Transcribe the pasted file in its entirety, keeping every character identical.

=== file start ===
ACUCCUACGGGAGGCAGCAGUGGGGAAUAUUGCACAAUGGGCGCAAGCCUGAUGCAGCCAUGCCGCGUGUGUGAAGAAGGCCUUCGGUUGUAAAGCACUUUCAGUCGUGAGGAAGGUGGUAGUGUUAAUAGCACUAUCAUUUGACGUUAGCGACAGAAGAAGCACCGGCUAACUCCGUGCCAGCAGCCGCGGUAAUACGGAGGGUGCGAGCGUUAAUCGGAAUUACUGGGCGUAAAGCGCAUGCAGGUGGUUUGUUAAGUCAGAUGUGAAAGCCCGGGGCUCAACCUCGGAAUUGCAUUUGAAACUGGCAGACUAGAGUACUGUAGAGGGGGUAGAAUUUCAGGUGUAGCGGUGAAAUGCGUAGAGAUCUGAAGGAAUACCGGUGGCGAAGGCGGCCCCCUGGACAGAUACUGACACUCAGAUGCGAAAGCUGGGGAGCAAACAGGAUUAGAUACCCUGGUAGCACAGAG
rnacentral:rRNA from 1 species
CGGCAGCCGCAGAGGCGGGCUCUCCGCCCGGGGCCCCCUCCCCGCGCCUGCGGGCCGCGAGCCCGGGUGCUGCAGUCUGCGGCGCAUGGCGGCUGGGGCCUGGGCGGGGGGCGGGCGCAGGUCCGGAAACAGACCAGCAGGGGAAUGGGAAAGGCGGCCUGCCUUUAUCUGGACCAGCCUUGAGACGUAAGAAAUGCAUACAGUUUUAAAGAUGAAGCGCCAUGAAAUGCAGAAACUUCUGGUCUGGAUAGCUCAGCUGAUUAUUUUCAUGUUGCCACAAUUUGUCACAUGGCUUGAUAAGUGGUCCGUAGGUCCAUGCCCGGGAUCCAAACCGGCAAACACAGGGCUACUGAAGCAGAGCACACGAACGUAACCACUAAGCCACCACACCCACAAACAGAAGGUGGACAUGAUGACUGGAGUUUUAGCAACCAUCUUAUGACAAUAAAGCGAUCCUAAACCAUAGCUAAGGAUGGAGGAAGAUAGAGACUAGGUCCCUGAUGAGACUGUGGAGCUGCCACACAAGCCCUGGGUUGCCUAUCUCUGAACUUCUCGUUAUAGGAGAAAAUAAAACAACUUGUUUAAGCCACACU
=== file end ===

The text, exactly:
ACUCCUACGGGAGGCAGCAGUGGGGAAUAUUGCACAAUGGGCGCAAGCCUGAUGCAGCCAUGCCGCGUGUGUGAAGAAGGCCUUCGGUUGUAAAGCACUUUCAGUCGUGAGGAAGGUGGUAGUGUUAAUAGCACUAUCAUUUGACGUUAGCGACAGAAGAAGCACCGGCUAACUCCGUGCCAGCAGCCGCGGUAAUACGGAGGGUGCGAGCGUUAAUCGGAAUUACUGGGCGUAAAGCGCAUGCAGGUGGUUUGUUAAGUCAGAUGUGAAAGCCCGGGGCUCAACCUCGGAAUUGCAUUUGAAACUGGCAGACUAGAGUACUGUAGAGGGGGUAGAAUUUCAGGUGUAGCGGUGAAAUGCGUAGAGAUCUGAAGGAAUACCGGUGGCGAAGGCGGCCCCCUGGACAGAUACUGACACUCAGAUGCGAAAGCUGGGGAGCAAACAGGAUUAGAUACCCUGGUAGCACAGAG
rnacentral:rRNA from 1 species
CGGCAGCCGCAGAGGCGGGCUCUCCGCCCGGGGCCCCCUCCCCGCGCCUGCGGGCCGCGAGCCCGGGUGCUGCAGUCUGCGGCGCAUGGCGGCUGGGGCCUGGGCGGGGGGCGGGCGCAGGUCCGGAAACAGACCAGCAGGGGAAUGGGAAAGGCGGCCUGCCUUUAUCUGGACCAGCCUUGAGACGUAAGAAAUGCAUACAGUUUUAAAGAUGAAGCGCCAUGAAAUGCAGAAACUUCUGGUCUGGAUAGCUCAGCUGAUUAUUUUCAUGUUGCCACAAUUUGUCACAUGGCUUGAUAAGUGGUCCGUAGGUCCAUGCCCGGGAUCCAAACCGGCAAACACAGGGCUACUGAAGCAGAGCACACGAACGUAACCACUAAGCCACCACACCCACAAACAGAAGGUGGACAUGAUGACUGGAGUUUUAGCAACCAUCUUAUGACAAUAAAGCGAUCCUAAACCAUAGCUAAGGAUGGAGGAAGAUAGAGACUAGGUCCCUGAUGAGACUGUGGAGCUGCCACACAAGCCCUGGGUUGCCUAUCUCUGAACUUCUCGUUAUAGGAGAAAAUAAAACAACUUGUUUAAGCCACACU